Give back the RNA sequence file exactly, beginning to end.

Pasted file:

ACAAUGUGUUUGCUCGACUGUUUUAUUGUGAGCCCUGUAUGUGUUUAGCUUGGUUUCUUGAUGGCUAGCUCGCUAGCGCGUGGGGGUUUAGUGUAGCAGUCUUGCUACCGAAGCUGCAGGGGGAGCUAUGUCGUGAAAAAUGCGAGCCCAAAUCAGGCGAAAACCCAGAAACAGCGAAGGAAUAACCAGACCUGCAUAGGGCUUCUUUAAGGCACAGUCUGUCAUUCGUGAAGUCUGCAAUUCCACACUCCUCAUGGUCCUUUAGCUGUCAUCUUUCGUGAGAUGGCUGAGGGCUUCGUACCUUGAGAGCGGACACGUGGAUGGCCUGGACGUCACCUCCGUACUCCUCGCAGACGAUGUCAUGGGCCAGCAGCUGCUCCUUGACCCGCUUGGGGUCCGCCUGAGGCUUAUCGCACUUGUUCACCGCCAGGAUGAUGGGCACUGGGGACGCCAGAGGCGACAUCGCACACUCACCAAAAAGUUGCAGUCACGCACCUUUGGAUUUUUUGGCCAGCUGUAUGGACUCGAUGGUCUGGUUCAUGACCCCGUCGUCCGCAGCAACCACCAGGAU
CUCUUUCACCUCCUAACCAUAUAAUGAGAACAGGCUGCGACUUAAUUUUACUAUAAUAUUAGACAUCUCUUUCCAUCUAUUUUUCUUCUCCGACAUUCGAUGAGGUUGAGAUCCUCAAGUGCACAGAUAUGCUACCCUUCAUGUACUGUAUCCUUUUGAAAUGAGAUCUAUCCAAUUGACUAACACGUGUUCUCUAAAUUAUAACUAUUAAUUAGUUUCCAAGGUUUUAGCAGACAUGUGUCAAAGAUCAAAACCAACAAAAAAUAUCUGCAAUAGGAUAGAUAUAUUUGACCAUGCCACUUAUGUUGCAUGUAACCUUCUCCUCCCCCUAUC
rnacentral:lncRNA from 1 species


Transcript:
ACAAUGUGUUUGCUCGACUGUUUUAUUGUGAGCCCUGUAUGUGUUUAGCUUGGUUUCUUGAUGGCUAGCUCGCUAGCGCGUGGGGGUUUAGUGUAGCAGUCUUGCUACCGAAGCUGCAGGGGGAGCUAUGUCGUGAAAAAUGCGAGCCCAAAUCAGGCGAAAACCCAGAAACAGCGAAGGAAUAACCAGACCUGCAUAGGGCUUCUUUAAGGCACAGUCUGUCAUUCGUGAAGUCUGCAAUUCCACACUCCUCAUGGUCCUUUAGCUGUCAUCUUUCGUGAGAUGGCUGAGGGCUUCGUACCUUGAGAGCGGACACGUGGAUGGCCUGGACGUCACCUCCGUACUCCUCGCAGACGAUGUCAUGGGCCAGCAGCUGCUCCUUGACCCGCUUGGGGUCCGCCUGAGGCUUAUCGCACUUGUUCACCGCCAGGAUGAUGGGCACUGGGGACGCCAGAGGCGACAUCGCACACUCACCAAAAAGUUGCAGUCACGCACCUUUGGAUUUUUUGGCCAGCUGUAUGGACUCGAUGGUCUGGUUCAUGACCCCGUCGUCCGCAGCAACCACCAGGAU
CUCUUUCACCUCCUAACCAUAUAAUGAGAACAGGCUGCGACUUAAUUUUACUAUAAUAUUAGACAUCUCUUUCCAUCUAUUUUUCUUCUCCGACAUUCGAUGAGGUUGAGAUCCUCAAGUGCACAGAUAUGCUACCCUUCAUGUACUGUAUCCUUUUGAAAUGAGAUCUAUCCAAUUGACUAACACGUGUUCUCUAAAUUAUAACUAUUAAUUAGUUUCCAAGGUUUUAGCAGACAUGUGUCAAAGAUCAAAACCAACAAAAAAUAUCUGCAAUAGGAUAGAUAUAUUUGACCAUGCCACUUAUGUUGCAUGUAACCUUCUCCUCCCCCUAUC
rnacentral:lncRNA from 1 species